The Memory of a Goldfish by Ted Lasso

In the second episode of the first season, upon seeing Jaime mistreating Sam, Ted Lasso calls the crestfallen player for a quick conversation.

TED: “Sam, do you know what the happiest animal on Earth is? It’s a goldfish. You know why?”

Sam Obisanya: “No.”

Ted Lasso: “It has a ten-second memory. Be a goldfish, Sam”

Since then, the “goldfish” code is all Ted has to say when the situation demands maturity, superiority, and empathy. Life is short and does not deserve to be lived with a grudge. Two episodes away from the supposed conclusion of the series, is what he recommends. Let’s forget Nate’s betrayal, and Rupert’s evil nature and move on. In an episode with touches of corniness that were always present, Ted Lasso was all forgiving, not bumping into the speech scenes that interrupted our connection in at least two episodes of the season. The message here was short and to the point, which always works best. Let’s recap.

This week of friendlies, Richmond AFC are doing well in the league and has several of their players called up for their national teams, a sign of great personal and team prestige. Out of everyone, even though he’s being touted as a top scorer, only Sam is ignored and excluded, he knows why and keeps a smile on his face, but he’s devastated inside. We’ll come back to it in a moment because the biggest news of the week is Nate’s sacking from West Ham United. So it is! What happened?

Obviously almost everyone, as well as myself, celebrated what appears to be Nate’s ‘defeat’. Except for Ted, of course, who worries about his former friend. He questions Beard’s joy: “It’s bad karma to laugh at bad karma”, i.e. better to be a “goldfish” and keep your heart clean. It is a Kabbalistic recommendation, by the way. Wishing or laughing at other people’s unhappiness is planting the seeds of judgment in your own path, in other words, we attract what we want. For others too. Ted’s message rings true, as we see a desolate Nate at home, so depressed that he literally drags himself home to his parents, where he goes back to acting like a boy. He doesn’t say what happened, but considering what Rupert is like and that Nate refused to obey him, we immediately imagine that he humiliated the ‘wunderkind’ after the rejection, but it was the other way around. Nate – is an apparent reaction as the ‘old, perhaps true Nate’ – resigned. Being in love with Jade took that jealous, spiteful monster out of him. But changing his attitude doesn’t erase the past and he doesn’t know what to do, more because he feels bad about what he did to get there.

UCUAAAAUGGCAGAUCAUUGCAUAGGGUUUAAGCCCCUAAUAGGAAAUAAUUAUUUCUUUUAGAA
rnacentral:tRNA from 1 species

Consequences. The catch of the goldfish strategy is that it’s a lot harder than it looks. Forgetting only helps ahead, it does not change the previous path. Nate is bitter about the monster that has been mistreating people along the way but is still terrified of his father. In Ted Lasso, the themes can be deep, but they are fast. That oppressive father figure that destroyed Nate’s soul is different now, he feels his son’s sadness. Finding himself alone, we hear Nate play the violin, a talent hidden and never developed because his father’s criticism convinced him that he would never be good enough. That’s when father and son finally have an honest conversation, where they apologize and Nate finally hears that Mr. Shelley regrets being so hard on Nate, also finally saying that she admires and loves him. There, Nate did the full transformation. Hidden from everyone he goes to the locker rooms of the old team and leaves everything spotless to a surprised Will, with a written apology. Will is pure goldfish. No word to Ted, though. The series is saving that conversation for a short time.